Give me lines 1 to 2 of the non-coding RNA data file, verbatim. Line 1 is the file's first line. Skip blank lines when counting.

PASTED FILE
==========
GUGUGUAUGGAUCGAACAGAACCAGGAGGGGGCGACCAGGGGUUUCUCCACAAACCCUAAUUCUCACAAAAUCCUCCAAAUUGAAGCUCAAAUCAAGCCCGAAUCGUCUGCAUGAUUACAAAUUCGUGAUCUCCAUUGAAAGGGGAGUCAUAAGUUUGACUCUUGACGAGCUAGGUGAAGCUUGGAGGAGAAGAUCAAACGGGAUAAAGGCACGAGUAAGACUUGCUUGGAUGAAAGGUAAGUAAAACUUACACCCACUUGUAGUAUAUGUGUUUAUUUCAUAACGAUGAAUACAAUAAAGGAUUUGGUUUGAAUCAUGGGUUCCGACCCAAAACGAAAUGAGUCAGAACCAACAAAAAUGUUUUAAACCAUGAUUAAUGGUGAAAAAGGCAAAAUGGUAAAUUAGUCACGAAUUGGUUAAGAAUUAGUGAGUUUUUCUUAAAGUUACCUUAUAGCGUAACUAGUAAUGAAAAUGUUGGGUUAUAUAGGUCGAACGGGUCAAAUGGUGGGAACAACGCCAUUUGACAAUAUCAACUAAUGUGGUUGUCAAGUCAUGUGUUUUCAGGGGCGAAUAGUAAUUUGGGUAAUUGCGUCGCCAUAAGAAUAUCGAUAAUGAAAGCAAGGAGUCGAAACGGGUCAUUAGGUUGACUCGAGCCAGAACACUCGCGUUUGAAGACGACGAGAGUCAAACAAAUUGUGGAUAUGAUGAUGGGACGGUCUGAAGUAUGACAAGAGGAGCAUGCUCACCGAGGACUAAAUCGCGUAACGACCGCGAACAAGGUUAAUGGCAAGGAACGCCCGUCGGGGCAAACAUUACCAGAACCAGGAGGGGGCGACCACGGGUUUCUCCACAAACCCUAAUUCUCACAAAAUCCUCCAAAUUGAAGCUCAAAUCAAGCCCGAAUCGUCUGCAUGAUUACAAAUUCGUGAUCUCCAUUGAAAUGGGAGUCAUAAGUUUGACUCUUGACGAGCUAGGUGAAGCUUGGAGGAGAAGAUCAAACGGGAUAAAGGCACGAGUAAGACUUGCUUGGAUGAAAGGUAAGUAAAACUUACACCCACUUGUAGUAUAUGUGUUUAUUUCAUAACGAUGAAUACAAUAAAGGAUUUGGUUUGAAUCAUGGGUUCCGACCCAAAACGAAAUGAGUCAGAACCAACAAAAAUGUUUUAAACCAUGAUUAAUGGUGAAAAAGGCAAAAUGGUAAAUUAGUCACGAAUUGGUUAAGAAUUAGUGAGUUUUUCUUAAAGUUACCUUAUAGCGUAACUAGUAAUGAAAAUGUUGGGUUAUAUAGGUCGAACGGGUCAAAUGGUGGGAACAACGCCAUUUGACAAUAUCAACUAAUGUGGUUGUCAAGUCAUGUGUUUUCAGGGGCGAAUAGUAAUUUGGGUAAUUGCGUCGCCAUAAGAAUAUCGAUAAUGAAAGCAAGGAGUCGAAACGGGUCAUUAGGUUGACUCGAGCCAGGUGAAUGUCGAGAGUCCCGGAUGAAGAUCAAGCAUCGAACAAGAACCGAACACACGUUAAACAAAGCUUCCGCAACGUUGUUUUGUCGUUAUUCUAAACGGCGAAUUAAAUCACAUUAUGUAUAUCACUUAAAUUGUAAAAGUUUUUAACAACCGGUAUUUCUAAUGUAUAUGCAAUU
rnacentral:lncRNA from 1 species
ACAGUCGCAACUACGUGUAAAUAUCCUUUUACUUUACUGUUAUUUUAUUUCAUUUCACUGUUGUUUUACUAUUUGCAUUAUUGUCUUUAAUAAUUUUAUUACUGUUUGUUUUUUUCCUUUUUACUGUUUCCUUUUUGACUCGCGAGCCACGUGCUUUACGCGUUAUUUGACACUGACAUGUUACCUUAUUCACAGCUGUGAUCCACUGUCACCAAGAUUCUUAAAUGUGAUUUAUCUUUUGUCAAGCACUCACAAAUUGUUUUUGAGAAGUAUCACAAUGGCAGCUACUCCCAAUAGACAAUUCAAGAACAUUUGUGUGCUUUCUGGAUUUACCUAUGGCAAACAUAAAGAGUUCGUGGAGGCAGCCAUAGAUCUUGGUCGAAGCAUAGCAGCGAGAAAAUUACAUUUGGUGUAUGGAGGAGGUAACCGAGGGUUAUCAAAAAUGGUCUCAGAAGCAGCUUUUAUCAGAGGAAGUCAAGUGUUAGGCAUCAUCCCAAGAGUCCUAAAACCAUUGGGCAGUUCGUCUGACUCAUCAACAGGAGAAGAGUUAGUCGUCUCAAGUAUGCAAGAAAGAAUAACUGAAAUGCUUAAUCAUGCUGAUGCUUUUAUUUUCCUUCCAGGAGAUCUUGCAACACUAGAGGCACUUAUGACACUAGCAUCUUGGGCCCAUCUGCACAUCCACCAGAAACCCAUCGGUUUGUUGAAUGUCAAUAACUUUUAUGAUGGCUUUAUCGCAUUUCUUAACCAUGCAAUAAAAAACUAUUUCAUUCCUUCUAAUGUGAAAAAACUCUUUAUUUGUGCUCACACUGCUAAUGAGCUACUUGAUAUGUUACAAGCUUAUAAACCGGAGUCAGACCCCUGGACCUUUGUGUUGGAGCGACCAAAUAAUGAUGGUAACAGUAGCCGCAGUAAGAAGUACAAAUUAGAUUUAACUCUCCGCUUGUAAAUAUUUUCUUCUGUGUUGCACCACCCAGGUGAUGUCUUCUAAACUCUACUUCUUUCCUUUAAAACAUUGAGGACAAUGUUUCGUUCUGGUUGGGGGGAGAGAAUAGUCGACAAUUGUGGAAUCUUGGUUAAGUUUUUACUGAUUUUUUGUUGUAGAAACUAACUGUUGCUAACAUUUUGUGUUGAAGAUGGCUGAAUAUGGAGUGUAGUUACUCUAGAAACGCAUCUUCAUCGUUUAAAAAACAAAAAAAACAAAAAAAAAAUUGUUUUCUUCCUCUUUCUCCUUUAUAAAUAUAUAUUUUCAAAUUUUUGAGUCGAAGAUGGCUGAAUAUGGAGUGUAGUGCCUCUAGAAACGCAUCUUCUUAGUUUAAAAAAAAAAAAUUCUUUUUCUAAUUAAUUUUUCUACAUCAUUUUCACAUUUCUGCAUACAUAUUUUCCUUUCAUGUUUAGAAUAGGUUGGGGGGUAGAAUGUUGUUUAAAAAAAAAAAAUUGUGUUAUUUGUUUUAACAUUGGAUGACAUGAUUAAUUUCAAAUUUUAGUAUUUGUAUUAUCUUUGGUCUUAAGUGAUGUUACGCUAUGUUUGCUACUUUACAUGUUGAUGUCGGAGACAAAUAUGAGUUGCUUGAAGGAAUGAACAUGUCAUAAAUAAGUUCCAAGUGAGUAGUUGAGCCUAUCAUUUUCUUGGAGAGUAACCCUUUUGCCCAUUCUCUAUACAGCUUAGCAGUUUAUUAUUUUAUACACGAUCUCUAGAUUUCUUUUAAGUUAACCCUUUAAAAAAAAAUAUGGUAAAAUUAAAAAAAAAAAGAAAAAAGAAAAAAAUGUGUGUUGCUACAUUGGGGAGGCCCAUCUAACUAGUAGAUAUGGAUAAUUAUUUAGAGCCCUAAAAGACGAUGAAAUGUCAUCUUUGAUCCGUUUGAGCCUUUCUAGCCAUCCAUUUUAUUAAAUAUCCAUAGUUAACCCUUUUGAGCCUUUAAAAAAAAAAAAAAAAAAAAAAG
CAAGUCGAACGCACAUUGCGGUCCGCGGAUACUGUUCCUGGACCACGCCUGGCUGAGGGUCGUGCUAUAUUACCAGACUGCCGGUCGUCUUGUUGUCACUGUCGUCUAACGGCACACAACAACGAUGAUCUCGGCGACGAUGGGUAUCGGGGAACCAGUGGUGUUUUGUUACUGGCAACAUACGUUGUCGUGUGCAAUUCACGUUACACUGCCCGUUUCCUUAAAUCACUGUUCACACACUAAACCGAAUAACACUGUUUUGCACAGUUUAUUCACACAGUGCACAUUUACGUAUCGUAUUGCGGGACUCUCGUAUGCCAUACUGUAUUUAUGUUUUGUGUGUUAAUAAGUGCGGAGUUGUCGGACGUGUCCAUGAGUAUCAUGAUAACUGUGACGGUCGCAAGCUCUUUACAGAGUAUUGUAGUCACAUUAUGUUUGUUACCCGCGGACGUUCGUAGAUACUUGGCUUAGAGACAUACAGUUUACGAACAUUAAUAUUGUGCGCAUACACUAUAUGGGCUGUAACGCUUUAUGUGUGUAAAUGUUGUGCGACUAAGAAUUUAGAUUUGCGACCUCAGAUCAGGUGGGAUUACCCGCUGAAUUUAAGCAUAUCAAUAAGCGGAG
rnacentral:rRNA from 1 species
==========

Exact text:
GUGUGUAUGGAUCGAACAGAACCAGGAGGGGGCGACCAGGGGUUUCUCCACAAACCCUAAUUCUCACAAAAUCCUCCAAAUUGAAGCUCAAAUCAAGCCCGAAUCGUCUGCAUGAUUACAAAUUCGUGAUCUCCAUUGAAAGGGGAGUCAUAAGUUUGACUCUUGACGAGCUAGGUGAAGCUUGGAGGAGAAGAUCAAACGGGAUAAAGGCACGAGUAAGACUUGCUUGGAUGAAAGGUAAGUAAAACUUACACCCACUUGUAGUAUAUGUGUUUAUUUCAUAACGAUGAAUACAAUAAAGGAUUUGGUUUGAAUCAUGGGUUCCGACCCAAAACGAAAUGAGUCAGAACCAACAAAAAUGUUUUAAACCAUGAUUAAUGGUGAAAAAGGCAAAAUGGUAAAUUAGUCACGAAUUGGUUAAGAAUUAGUGAGUUUUUCUUAAAGUUACCUUAUAGCGUAACUAGUAAUGAAAAUGUUGGGUUAUAUAGGUCGAACGGGUCAAAUGGUGGGAACAACGCCAUUUGACAAUAUCAACUAAUGUGGUUGUCAAGUCAUGUGUUUUCAGGGGCGAAUAGUAAUUUGGGUAAUUGCGUCGCCAUAAGAAUAUCGAUAAUGAAAGCAAGGAGUCGAAACGGGUCAUUAGGUUGACUCGAGCCAGAACACUCGCGUUUGAAGACGACGAGAGUCAAACAAAUUGUGGAUAUGAUGAUGGGACGGUCUGAAGUAUGACAAGAGGAGCAUGCUCACCGAGGACUAAAUCGCGUAACGACCGCGAACAAGGUUAAUGGCAAGGAACGCCCGUCGGGGCAAACAUUACCAGAACCAGGAGGGGGCGACCACGGGUUUCUCCACAAACCCUAAUUCUCACAAAAUCCUCCAAAUUGAAGCUCAAAUCAAGCCCGAAUCGUCUGCAUGAUUACAAAUUCGUGAUCUCCAUUGAAAUGGGAGUCAUAAGUUUGACUCUUGACGAGCUAGGUGAAGCUUGGAGGAGAAGAUCAAACGGGAUAAAGGCACGAGUAAGACUUGCUUGGAUGAAAGGUAAGUAAAACUUACACCCACUUGUAGUAUAUGUGUUUAUUUCAUAACGAUGAAUACAAUAAAGGAUUUGGUUUGAAUCAUGGGUUCCGACCCAAAACGAAAUGAGUCAGAACCAACAAAAAUGUUUUAAACCAUGAUUAAUGGUGAAAAAGGCAAAAUGGUAAAUUAGUCACGAAUUGGUUAAGAAUUAGUGAGUUUUUCUUAAAGUUACCUUAUAGCGUAACUAGUAAUGAAAAUGUUGGGUUAUAUAGGUCGAACGGGUCAAAUGGUGGGAACAACGCCAUUUGACAAUAUCAACUAAUGUGGUUGUCAAGUCAUGUGUUUUCAGGGGCGAAUAGUAAUUUGGGUAAUUGCGUCGCCAUAAGAAUAUCGAUAAUGAAAGCAAGGAGUCGAAACGGGUCAUUAGGUUGACUCGAGCCAGGUGAAUGUCGAGAGUCCCGGAUGAAGAUCAAGCAUCGAACAAGAACCGAACACACGUUAAACAAAGCUUCCGCAACGUUGUUUUGUCGUUAUUCUAAACGGCGAAUUAAAUCACAUUAUGUAUAUCACUUAAAUUGUAAAAGUUUUUAACAACCGGUAUUUCUAAUGUAUAUGCAAUU
rnacentral:lncRNA from 1 species